The Reserve Bank of India's annual report for 2009-10 focusses on the interlinked nature of the current macroeconomic challenges and the policy actions, particularly on the food inflation front. Following the global crisis, economic growth in India has been uneven. In response to a sharp deceleration in the second half of 2008-09, the central bank introduced a comprehensive range of conventional and non-conventional measures to limit the impact of the global crisis. The accommodative fiscal and monetary policies were continued until the first half of 2009-10. Thereafter, although there was a smart recovery, inflation started becoming a major concern, calling for all-round monetary and fiscal measures. The task of simultaneously nurturing recovery and anchoring inflationary expectations has been extremely challenging. Food inflation that had started rising in response to the weak kharif production, turned out to be more persistent in the second half of the year. Headline inflation, which remained at or close to double digits for over four successive months in 2010-11, has become more generalised. Even over the near term, it is necessary to look for solutions beyond monetary policy. Addressing structural constraints in several critical sectors is necessary to sustain growth and also contain supply side risks to inflation. Improving the macroeconomic environment depends on fiscal consolidation, a low and stable interest rate regime, strengthening of the financial stability network, and progress on structural reforms. The RBI's unrelenting focus on inflation is noteworthy.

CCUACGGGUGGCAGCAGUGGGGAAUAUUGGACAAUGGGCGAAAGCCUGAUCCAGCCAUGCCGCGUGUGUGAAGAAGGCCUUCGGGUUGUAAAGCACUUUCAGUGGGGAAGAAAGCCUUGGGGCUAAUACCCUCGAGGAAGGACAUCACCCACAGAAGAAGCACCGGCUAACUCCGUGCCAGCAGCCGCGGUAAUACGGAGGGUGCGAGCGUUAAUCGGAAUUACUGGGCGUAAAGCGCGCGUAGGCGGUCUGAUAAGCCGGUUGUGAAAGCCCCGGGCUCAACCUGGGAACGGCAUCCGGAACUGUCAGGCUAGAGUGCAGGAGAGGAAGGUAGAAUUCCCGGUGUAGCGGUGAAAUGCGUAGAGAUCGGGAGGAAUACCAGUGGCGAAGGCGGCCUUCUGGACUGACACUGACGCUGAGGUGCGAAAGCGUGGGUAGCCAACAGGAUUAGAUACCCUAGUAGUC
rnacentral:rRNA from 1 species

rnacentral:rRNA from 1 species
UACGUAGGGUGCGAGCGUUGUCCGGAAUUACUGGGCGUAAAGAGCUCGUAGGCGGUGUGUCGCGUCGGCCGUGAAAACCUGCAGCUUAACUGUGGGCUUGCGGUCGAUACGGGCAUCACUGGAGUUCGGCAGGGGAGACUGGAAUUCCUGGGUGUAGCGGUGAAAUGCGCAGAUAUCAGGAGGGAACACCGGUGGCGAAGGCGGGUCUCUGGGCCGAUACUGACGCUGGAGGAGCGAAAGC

One key message is that the impact of deficient monsoons on growth is weakening, whereas their impact on inflation still remains significant. That would suggest urgent steps to boost farm productivity and being more open to importing food and other essential items wherever necessary. The need for a coherent medium term strategy of fiscal consolidation has been highlighted once again. The persistent, large fiscal deficit poses a severe risk to macroeconomy over the medium term. During 2009-10, trade deficit was lower as imports shrunk along with exports. The deficit on the current account, however, widened due to a fall in invisibles. Capital inflows continue to be important for the balance of payments. Policymakers will have to be keenly attuned to the fast changing global environment. Financial inclusion and promoting financial literacy have become critical, since the country is up against the daunting task of stepping up its growth potential. A combination of structural reforms and judicious fiscal policy can lift the growth rate to double digits.